The clinical diagnosis of FH is founded on personal and family history, physical examination, and lipid concentrations. Three groups have developed clinical diagnostic tools for FH: the US MedPed Program, the Simon Broome Register Group in the United Kingdom, and the Dutch Lipid Clinic Network. Continue reading
Pituitary adenomas account for approximately 15% of intracranial tumors. Management of these benign tumors requires diagnosis of the specific intrasellar disease and comprehensive, multidisciplinary treatment of local mass effects and peripheral endocrinopathies. Since tumors can produce different hormones, their consequences and management vary widely. Continue reading
Tools for the diagnosis of GHD include auxology, radiographic assessment of bone age, measurement of insulin-like growth factor 1 (IGF-I) and IGF binding protein 3 (IGFBP-3), provocative growth hormone (GH) testing, cranial magnetic resonance imaging (MRI), and, in certain cases, genetic testing. Growth velocity and the degree of short stature are primary considerations in the decision to pursue evaluation for GHD. Continue reading
Primary hypoparathyroidism is a condition characterized by hypocalcemia and hyperphosphatemia resulting from the primary absence or deficiency of parathyroid hormone (PTH) or from the secretion of biologically inactive PTH. Continue reading
In overt hyperthyroidism, serum levels of free T4 and triiodothyronine (T3) or levels of T3 alone are elevated, and serum thyrotropin (TSH) levels are suppressed. In subclinical hyperthyroidism, levels of free T4 and T3 are normal, thyrotropin levels are suppressed, and thyroid hormone levels are usually in the middle to upper range of normal. Continue reading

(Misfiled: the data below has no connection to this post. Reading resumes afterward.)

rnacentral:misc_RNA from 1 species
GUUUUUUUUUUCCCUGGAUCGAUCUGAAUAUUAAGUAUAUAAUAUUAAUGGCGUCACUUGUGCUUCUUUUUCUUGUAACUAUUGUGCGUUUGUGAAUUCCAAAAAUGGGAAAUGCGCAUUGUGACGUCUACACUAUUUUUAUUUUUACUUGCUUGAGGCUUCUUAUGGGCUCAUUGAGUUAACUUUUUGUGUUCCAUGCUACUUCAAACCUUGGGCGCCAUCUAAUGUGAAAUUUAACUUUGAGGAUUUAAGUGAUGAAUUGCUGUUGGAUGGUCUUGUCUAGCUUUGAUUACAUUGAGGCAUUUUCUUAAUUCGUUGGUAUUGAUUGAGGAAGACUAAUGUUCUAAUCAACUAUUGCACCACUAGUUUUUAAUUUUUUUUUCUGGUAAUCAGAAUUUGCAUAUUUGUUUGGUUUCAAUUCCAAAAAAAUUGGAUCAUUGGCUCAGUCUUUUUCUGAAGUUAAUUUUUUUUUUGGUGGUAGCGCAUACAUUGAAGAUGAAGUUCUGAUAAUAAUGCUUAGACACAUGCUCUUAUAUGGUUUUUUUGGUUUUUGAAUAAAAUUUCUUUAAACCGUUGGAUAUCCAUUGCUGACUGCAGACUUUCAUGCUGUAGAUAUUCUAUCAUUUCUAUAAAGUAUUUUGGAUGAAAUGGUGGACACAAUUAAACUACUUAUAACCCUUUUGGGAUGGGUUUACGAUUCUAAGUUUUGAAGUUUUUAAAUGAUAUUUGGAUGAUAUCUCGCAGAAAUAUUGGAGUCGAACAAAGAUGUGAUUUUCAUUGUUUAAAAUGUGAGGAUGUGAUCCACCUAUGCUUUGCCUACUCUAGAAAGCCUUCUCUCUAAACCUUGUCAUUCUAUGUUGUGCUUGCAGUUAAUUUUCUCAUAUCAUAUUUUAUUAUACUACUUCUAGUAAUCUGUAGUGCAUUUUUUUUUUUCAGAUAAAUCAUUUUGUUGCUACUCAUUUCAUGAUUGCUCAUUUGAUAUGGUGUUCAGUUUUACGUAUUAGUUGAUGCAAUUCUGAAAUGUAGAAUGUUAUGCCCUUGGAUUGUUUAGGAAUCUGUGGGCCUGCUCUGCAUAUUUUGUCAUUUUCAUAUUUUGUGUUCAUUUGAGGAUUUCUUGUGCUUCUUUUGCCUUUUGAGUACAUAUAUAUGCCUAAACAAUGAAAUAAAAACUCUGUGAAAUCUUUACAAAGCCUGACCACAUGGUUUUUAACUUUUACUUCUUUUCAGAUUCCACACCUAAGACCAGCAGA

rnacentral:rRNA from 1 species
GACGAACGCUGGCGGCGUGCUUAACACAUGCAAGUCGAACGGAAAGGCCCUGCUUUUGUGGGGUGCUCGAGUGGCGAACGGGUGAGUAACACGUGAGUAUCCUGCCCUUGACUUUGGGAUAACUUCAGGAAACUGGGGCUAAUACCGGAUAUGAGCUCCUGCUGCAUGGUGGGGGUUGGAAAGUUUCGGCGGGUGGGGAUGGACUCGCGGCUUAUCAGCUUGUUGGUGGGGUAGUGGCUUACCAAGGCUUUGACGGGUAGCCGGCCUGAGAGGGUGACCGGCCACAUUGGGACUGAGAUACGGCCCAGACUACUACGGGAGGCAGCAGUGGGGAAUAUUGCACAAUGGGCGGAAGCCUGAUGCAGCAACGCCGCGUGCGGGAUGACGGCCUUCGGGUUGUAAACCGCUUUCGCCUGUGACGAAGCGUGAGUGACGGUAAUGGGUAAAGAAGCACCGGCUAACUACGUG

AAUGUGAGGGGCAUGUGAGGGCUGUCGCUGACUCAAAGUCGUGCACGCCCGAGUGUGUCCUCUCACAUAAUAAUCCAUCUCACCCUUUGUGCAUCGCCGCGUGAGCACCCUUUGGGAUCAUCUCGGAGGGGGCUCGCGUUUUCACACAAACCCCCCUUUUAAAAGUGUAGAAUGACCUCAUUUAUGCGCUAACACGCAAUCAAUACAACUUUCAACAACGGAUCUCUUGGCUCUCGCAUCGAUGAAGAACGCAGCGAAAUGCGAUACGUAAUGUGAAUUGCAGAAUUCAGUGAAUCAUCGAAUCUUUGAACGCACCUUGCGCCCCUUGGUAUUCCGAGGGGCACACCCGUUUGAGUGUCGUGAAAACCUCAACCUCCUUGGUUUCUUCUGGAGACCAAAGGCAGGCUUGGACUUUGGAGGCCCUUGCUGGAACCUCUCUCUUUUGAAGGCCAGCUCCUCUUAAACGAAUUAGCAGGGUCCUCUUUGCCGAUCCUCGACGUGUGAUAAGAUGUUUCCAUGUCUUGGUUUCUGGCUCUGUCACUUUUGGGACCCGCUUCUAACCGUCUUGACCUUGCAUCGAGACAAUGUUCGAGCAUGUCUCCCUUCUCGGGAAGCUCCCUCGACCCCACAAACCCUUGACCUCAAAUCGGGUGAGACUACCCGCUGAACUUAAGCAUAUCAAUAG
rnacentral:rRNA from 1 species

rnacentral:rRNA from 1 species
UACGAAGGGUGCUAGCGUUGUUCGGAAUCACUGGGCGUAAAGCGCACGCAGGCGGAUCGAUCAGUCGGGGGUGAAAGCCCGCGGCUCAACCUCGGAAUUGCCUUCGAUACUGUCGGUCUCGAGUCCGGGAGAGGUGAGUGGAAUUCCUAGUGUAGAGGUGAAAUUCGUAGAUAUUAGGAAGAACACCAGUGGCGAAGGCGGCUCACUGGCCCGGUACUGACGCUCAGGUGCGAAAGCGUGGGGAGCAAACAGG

The updated American College of Cardiology/American Heart Association (ACC/AHA) Guideline on the Treatment of Blood Cholesterol (GTBC) has been long-awaited since the latest update of the Adult Treatment Panel III (ATP III) guidelines in 2004. The updated GTBC recommends a significant paradigm shift in lipid-loweringdrug therapy for atherosclerotic cardiovascular disease (ASCVD) risk reduction, which has led to questions regarding their content and their implementation.
Paget’s disease of bone (also known as osteitis deformans) is a nonmalignant disease involving accelerated bone resorption followed by deposition of dense, chaotic, and ineffectively mineralized bone matrix.
As defined by the American Thyroid Association’s task force on the management of thyroid nodules and differentiated thyroid cancer, a thyroid nodule is a discrete lesion within the thyroid gland that is radiologically distinct from the surrounding thyroid parenchyma.
The finding of hypercalcemia on routine biochemical testing or in the evaluation of postmenopausal women with osteoporosis is typically the initial clue to the diagnosis of primary hyperparathyroidism. The total serum calcium level, which combines both the free and albumin-bound components of circulating calcium, should be adjusted for the level of albumin. Measurement of ionized calcium may be useful in selected cases, such as in patients with hyperalbuminemia, thrombocytosis, Waldenström’s macroglobulinemia, and myeloma; these patients may have elevated levels of total serum calcium, but normal levels of ionized serum calcium (artifactual hypercalcemia).
Clinical hyperthyroidism, also called thyrotoxicosis, is caused by the effects of excess thyroid hormone and can be triggered by different disorders. Etiologic diagnosis influences prognosis and therapy.